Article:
Chandigarh residents, never very keen on politics or politicians, had a little more aversion to these after last week’s visits by Union Home Minister L.K. Advani and Congress President Sonia Gandhi to the city. Traffic was blocked. Certain markets were closed. The question being asked was that polls are in Punjab; so why was the city being made to suffer as these leaders had come to Punjab to address rallies there? Chandigarh was just a stopover. When Mrs Gandhi chose to visit Congress Bhavan, parking was not allowed in the crowded Sector 35 outside the row of hotels for hours preceding her visit. Not many were happy with it.

Chandigarh has become an important stopover for politicians headed for Punjab. With a huge media contingent based here, the muchneeded publicity is easy to get. Otherwise Chandigarh may be a place that every politician dreads. Just 35 per cent of the people voted in the local Municipal Corporation elections. The urban turnout was a little over 18 per cent. Media coverage seems to be the only explanation for these visits.

R.K. Malhotra

R.K. Malhotra, who was head of Panjab University’s public relations department, apart from being Secretary of its Publication Bureau in 1992, died on January 30.

Most of the teaching and non-teaching employees who remained associated with him or worked with him, fondly remember his wit and way of working. He had a desire to ameliorate the sufferings of the mankind. It was for this reason that he had donated his eyes for transplantation in a deserving case.

Mr Malhotra served the university for nearly 27 years and succeeded in establishing its commendable rapport with the press and brought the university on the national and international map of publications.

After his retirement, Mr Malhotra was conscripted by Dr P.N. Chhuttani, a former Dean and Director of the PGI for his Charitable Trust and Chhuttani Medical Centre in Sector 17. He was engaged by Dr Chhuttani for editing the life story of his own mentor and master, the late Col Amir Chand in his book “Raj and Medicine in India” Dr Chhuttani was so pleased with his performance that he entrusted him with the task of bringing out his books on medical literature for the layman, “A Surgeon’s Inquest —Ethos and Pathos in Justice Lamba’s Death”; “Health and the Layman” which were widely reviewed by medical experts and immensely liked by a large number of people.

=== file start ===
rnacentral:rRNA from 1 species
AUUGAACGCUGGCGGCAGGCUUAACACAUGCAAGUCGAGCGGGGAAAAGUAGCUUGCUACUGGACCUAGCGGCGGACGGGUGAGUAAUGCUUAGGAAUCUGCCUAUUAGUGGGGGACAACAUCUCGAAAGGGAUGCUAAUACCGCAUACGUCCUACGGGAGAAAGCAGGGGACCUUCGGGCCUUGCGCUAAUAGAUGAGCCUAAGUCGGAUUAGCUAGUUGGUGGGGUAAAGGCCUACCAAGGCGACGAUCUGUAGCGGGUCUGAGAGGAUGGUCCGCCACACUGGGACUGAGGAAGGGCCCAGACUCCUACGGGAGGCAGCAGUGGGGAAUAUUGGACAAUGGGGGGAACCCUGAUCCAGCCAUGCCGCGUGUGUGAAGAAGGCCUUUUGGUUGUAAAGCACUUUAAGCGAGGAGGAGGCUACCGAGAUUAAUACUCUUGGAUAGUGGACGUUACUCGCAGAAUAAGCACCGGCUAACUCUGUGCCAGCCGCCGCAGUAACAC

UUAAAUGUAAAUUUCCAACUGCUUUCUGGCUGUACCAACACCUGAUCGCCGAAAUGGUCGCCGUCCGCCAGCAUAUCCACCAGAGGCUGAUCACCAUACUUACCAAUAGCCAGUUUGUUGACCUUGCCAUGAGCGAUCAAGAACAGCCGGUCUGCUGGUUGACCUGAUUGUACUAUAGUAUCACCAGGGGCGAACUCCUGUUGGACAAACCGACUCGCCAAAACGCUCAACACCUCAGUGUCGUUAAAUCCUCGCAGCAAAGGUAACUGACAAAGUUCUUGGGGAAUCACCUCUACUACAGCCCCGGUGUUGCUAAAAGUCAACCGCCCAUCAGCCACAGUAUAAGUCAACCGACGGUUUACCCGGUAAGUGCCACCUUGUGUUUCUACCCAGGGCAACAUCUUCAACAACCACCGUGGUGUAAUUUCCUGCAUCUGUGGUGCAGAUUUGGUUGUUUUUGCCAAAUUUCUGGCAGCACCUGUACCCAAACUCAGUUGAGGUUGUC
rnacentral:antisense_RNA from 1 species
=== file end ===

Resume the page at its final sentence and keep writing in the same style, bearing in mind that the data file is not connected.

The city and its surrounding area were covered under a sheet of white following a sharp hailstorm. The road, parks, rooftops and roundabouts were all white. The hail was more prominent in the southern sectors and adjoining SAS Nagar (Mohali). At least residents of southern sectors got something more than their counterparts living in northern areas.

When the hail occurred Punjab was playing Orissa in the Ranji Trophy knockout. It was day four of the five-day match at the PCA stadium. Players from Orissa were fascinated by the hail and fished out their cameras to capture the effect of white hails on the green outfield. It took a while of explaining about the hailstorm to the Oriya lads. Some of them may have seen huge cyclones in the costal belt but never a hailstorm. It was not snowing, they were told, as they prepared themselves for icy winds.

Indian offspinner Harbhajan Singh could be seen playing the hail with Indian opener Shiv Sunder Das. Probably he was bonding with him as Das takes those tremendous catches at shortleg off Bhajji’s bowling.

Basant Utsav

The Environment Society of India (ESI) with the support of the tourism department, Chandigarh Administration, is organising Chandigarh Basant Utsav 2002, at the Leisure Valley Sector 10, from February 15 to 17.